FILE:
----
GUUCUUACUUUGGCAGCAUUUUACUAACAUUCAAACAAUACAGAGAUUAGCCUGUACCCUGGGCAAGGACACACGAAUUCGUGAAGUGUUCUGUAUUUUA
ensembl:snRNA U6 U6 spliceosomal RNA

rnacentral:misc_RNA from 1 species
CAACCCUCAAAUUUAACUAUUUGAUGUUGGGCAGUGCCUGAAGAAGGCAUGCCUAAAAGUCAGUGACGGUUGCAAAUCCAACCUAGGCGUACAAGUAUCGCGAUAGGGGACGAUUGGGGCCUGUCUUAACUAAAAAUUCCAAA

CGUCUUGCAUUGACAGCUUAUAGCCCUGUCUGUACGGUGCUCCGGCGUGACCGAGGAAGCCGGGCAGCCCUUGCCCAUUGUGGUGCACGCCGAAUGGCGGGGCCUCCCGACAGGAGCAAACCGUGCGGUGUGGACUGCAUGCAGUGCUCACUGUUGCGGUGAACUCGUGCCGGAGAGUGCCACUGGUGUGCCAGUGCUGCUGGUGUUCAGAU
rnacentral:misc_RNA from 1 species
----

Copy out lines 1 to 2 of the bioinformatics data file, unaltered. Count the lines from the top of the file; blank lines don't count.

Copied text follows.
GUUCUUACUUUGGCAGCAUUUUACUAACAUUCAAACAAUACAGAGAUUAGCCUGUACCCUGGGCAAGGACACACGAAUUCGUGAAGUGUUCUGUAUUUUA
ensembl:snRNA U6 U6 spliceosomal RNA